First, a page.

A Far West Coast elder was among those who voiced their opposition to oil drilling in the Great Australian Bight in a protest in Adelaide on Tuesday.
Representatives from coastal communities across South Australia joined others outside the annual Australian Petroleum Production and Exploration Association conference to argue against Norwegian company Statoil looking to drill for oil in the Bight.
Community leaders stood on a black carpet, representing the dangers of an oil spill, addressing their concerns about the risks involved with drilling.
Kokatha elder Sue Coleman-Haseldine, of Ceduna, was among those at the rally who wrote an open letter to Statoil.
“We write on behalf of people around the world that are fighting to protect their Country, livelihoods, and water from dangerous oil drilling and climate change,” the letter reads.
“Together, we ask that Statoil abandon their plans to pursue risky deepwater oil drilling in the Great Australian Bight, and around the globe.
“Statoil must respect the Indigenous custodians of the land and sea from who you wish to extract oil and gas.”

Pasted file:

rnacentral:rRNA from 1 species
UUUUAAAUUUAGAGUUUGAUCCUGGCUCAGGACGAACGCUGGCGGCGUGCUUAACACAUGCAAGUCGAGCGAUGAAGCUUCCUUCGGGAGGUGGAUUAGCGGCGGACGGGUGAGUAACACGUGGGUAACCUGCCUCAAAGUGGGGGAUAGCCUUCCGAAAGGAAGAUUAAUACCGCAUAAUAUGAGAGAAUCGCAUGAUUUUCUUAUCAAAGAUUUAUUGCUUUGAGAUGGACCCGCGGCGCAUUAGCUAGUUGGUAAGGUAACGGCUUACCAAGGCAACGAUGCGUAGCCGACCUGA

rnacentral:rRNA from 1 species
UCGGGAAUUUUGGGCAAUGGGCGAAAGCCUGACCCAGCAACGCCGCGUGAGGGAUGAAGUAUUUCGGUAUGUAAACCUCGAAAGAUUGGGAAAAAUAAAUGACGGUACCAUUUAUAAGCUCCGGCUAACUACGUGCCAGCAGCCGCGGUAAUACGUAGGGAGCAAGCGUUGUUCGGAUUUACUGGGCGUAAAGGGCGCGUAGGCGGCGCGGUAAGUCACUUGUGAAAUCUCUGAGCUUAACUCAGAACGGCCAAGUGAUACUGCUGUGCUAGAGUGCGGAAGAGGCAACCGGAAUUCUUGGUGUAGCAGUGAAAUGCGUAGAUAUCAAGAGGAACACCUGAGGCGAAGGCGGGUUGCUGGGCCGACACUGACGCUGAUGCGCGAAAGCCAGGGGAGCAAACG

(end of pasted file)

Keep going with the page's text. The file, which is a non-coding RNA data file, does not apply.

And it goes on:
Greenpeace Australia Pacific senior campaigner Nathaniel Pelle said people from Ceduna and the West Coast have been voicing their opposition, of which Ms Coleman-Haseldine was one of them.
“People who use the ocean environment every day for their livelihoods need to keep it clean and pristine,” he said.
Further action against oil activities in the Great Australian Bight will take place across the West Coast on May 19 with Great Australian Bight Alliance holding Hands Across the Sand events.
Ceduna will hold an event at the jetty beginning at 10am with a further event planned at Point Sinclair near Penong at 1pm.
Elliston and Streaky Bay will also host their first Hands Across the Sand events at Front Beach (Moogs Corner) and Streaky Bay jetty respectively, both starting at 11am.
Elliston event organiser Anna Taylor said it was great to see more people on the West Coast voicing opposition and hoped for a good turnout from the Elliston community this weekend.
She said the grass roots movement within the communities was building, which was seen at the Nevertown film screening at Elliston last weekend.
“We feel the movement has grown,” she said.
“At the first (alliance) event in Elliston we had 70 people, now there was 100 people.
The screening included an appearance from surfer Dave "Rasta" Rastovich who shared some stories and spoke in support of protecting the Great Australian Bight.